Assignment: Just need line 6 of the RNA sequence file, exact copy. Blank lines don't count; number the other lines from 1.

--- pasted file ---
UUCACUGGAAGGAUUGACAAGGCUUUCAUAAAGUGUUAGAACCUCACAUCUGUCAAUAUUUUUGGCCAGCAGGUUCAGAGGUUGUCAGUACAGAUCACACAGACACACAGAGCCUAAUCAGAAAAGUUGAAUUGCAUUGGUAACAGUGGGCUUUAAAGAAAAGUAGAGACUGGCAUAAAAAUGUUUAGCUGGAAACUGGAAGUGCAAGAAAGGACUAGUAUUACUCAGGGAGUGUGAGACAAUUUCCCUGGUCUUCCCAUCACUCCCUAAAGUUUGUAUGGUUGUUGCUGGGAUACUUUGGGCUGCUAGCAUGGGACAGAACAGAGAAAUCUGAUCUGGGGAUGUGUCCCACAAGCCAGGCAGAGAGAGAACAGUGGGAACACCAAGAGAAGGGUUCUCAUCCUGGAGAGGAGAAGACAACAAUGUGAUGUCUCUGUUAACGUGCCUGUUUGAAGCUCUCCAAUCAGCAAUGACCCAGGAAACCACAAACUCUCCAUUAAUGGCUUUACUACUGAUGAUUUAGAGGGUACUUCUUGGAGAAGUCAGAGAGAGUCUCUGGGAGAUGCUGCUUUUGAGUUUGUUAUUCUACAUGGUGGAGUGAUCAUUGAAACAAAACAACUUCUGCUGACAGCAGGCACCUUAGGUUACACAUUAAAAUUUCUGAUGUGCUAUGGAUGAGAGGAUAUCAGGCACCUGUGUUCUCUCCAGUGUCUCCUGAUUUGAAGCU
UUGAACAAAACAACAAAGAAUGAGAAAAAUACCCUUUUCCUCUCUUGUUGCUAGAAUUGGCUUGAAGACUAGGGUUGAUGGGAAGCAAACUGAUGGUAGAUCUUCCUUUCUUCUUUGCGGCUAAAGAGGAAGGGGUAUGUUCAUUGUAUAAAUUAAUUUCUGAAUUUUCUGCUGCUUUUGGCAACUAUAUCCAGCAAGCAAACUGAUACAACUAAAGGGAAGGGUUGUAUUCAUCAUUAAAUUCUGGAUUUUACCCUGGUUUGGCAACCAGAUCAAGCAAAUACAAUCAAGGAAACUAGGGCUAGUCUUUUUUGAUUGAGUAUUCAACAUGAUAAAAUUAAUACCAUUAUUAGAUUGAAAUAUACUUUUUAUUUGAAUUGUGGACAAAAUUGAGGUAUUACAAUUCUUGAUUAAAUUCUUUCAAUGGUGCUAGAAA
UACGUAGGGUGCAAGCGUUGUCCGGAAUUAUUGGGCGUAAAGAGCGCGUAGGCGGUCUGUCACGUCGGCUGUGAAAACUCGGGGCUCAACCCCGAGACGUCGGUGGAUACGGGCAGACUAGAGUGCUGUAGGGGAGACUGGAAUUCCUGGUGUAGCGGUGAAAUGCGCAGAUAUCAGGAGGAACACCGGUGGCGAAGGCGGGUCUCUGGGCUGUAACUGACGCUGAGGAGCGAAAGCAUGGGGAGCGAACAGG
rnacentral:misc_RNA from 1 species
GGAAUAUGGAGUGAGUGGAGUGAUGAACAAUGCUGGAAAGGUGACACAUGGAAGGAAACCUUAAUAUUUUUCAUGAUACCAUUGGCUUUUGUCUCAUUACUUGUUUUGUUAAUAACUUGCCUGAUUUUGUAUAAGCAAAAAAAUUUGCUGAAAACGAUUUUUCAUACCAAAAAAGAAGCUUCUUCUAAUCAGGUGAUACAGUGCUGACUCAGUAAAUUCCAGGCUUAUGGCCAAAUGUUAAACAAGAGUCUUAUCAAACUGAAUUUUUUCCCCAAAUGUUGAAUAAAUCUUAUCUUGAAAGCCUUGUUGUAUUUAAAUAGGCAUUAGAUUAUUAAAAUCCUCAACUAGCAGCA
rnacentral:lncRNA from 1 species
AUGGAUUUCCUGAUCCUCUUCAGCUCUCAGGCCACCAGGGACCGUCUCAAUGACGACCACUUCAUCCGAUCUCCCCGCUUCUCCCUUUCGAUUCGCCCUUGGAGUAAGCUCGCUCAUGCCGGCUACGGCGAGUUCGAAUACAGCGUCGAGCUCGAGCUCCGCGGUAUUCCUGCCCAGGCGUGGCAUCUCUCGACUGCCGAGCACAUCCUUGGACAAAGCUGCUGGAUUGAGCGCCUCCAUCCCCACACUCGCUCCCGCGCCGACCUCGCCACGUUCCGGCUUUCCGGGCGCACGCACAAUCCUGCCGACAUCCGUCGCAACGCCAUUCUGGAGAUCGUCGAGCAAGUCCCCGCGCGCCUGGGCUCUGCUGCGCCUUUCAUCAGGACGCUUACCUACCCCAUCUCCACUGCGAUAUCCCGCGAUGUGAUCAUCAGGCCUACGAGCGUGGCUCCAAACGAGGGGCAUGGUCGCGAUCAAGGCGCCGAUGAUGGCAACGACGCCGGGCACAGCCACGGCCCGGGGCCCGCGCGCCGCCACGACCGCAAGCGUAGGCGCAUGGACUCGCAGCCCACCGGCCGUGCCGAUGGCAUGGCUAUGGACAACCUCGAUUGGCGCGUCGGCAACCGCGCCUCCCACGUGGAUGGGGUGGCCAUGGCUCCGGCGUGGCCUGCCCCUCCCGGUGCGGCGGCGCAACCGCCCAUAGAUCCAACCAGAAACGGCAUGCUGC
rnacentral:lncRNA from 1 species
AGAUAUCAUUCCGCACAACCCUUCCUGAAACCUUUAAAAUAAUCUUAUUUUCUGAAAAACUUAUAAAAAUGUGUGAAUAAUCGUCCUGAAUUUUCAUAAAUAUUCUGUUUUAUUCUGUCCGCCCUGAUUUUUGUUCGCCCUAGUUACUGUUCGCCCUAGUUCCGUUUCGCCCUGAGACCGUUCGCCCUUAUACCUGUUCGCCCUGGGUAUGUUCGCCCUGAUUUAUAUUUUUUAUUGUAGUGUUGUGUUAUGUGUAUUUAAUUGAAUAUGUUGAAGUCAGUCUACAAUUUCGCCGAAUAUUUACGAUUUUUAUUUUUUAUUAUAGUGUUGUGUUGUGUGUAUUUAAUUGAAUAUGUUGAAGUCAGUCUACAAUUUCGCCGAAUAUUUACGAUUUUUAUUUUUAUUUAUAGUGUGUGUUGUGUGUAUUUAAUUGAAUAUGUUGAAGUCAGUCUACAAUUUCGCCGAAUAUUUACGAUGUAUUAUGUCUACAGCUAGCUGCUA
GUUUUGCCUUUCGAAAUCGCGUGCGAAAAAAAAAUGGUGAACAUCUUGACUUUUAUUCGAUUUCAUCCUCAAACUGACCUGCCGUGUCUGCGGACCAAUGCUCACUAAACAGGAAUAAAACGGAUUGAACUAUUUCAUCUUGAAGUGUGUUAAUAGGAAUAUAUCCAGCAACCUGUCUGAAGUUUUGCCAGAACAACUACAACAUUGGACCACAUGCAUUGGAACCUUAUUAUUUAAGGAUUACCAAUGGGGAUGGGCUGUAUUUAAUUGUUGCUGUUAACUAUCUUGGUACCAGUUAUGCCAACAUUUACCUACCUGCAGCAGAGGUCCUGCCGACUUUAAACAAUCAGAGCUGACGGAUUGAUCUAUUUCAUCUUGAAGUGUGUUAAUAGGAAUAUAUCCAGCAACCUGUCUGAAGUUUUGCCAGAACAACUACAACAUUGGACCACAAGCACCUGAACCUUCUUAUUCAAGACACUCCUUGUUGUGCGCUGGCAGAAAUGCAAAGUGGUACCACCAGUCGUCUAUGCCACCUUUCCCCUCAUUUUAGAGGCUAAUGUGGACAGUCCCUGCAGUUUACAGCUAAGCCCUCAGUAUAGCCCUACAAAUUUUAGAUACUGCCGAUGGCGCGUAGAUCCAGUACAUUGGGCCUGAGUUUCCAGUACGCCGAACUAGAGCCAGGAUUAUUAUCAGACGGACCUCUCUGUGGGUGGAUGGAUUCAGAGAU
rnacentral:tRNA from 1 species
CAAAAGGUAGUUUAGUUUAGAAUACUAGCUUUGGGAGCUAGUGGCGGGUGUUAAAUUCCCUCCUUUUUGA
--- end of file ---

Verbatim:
rnacentral:lncRNA from 1 species